How is the diagnosis made?

Many specialists are able to diagnose cysts, it all depends on where they are located, their underlying cause, composition and size. Such professionals include: obstetrician, gynecologist, otorhinolaryngologist, surgeon, orthopedist, gastroenterologist, dermatologist, infectologist.

The most used tests for diagnosis are:

  • Ultrasound;
  • X ray;
  • Computed tomography;
  • Magnetic resonance imaging.

In some situations, needle biopsy can be used to determine if a malignant tissue is associated with the cyst’s structure.

What is the treatment for the cyst?

Treatment will depend on the region, size, level of discomfort and the underlying cause of each cyst.

Most of them do not require clinical measures, however, doctors can use means such as:

  • Aspiration or drainage of fluids, using a needle or catheter;
  • Use of medications, such as cortisone injections, to reduce an inflamed cyst;
  • Surgical removal.

In which cases is surgery indicated?

In the case of detection of cancer cells or when drainage does not work, surgical removal or biopsy may be requested. In addition, internal cysts that are difficult to reach, as well as those that are very painful, large or uncomfortable, may require surgery.

Cysts associated with infectious agents interfere with normal body functions and are also on that list.

Home treatment

Although most cysts disappear over time, some home remedies can help with treatment. Placing a hot water compress on the cyst, for example, can be a great alternative, as the measure speeds up the healing process and aids drainage.

There are also several options for home remedies for the treatment of some types of cysts, such as tea tree oil, castor oil and aloe vera.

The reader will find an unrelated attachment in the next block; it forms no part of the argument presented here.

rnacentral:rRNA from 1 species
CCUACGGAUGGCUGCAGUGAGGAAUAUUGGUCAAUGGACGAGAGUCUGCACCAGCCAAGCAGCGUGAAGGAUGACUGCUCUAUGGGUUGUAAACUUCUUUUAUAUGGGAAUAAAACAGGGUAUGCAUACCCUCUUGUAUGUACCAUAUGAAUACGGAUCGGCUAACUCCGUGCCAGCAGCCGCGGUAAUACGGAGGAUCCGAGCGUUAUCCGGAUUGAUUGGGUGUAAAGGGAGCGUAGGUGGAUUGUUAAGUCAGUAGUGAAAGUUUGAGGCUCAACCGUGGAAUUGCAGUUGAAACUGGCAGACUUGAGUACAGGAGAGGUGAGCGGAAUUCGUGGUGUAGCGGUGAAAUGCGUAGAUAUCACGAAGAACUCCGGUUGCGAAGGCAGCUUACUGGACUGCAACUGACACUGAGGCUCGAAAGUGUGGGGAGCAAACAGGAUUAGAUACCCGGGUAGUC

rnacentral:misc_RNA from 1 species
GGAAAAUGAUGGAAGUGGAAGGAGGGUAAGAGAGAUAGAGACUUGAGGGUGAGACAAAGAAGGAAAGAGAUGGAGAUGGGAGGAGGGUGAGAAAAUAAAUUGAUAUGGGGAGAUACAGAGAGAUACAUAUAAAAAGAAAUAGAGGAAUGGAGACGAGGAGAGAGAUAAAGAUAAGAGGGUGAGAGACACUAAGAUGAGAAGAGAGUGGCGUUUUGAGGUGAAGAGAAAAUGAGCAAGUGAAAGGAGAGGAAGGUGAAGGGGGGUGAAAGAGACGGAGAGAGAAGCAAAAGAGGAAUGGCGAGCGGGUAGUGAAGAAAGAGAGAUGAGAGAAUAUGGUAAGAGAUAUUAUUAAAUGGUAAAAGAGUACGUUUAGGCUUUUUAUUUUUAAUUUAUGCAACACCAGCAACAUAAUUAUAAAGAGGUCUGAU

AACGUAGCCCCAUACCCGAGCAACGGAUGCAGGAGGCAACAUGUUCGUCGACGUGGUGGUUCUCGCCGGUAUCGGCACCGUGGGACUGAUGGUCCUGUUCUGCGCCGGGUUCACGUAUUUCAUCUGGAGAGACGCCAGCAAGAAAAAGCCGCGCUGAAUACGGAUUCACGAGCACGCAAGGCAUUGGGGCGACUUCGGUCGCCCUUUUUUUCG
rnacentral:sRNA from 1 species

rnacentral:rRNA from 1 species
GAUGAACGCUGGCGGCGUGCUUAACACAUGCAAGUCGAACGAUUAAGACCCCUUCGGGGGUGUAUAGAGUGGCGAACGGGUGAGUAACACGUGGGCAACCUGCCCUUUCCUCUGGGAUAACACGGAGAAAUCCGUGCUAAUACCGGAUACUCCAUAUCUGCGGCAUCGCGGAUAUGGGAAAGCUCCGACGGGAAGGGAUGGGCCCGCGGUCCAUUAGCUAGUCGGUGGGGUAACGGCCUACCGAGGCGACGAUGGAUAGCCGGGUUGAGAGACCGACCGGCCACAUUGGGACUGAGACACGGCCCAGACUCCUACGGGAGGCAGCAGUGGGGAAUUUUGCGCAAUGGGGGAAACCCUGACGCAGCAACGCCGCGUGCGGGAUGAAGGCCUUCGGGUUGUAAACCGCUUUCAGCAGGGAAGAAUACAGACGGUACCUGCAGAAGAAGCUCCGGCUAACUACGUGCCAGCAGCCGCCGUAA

It is worth remembering that medical monitoring is essential. It is always advisable to consult with your health professional before starting any treatment.

What not to do

Squeezing or popping a cyst can worsen its underlying cause, causing it to swell or even to become infected.

Complications

Cysts are usually benign and not harmful. However, the cyst becomes really worrying when it is considered to be malignant and carcinogenic.

In addition, if a cyst grows too much, it can impair the functioning of the organs, requiring immediate removal.

Can cysts cause cancer?

Most of the time, cysts are benign tumors and are not usually related to cancer. However, if they are larger than 10 cm and have solid and liquid areas, they can represent a high risk situation.

From an oncological point of view, only cysts with solid content can be severe. In the case of cysts located in the breasts, for example, the vast majority are not capable of becoming cancer. However, depending on their size, they may have malignant potential.

How to prevent cysts?

Most cysts cannot be prevented. However, in cases related to infectious causes, there are measures that can act in prevention:

  • Ovarian cyst: women who are subject to having ovarian cysts may be able to prevent the formation of new cysts by using hormonal contraceptives;
  • Cyst on the eyelids (chalazion): gentle cleaning near the lash line helps to keep the oil ducts blocked, preventing the appearance of the cyst;
  • Pilonidal cyst: can be prevented if the skin is kept clean and dry in the affected region. Avoiding sitting for a long time is also a good alternative to prevent its formation.

Cysts, in most cases, even if they are boring and uncomfortable, are not malignant, but medical monitoring is essential to keep up with your body and prevent any major complications.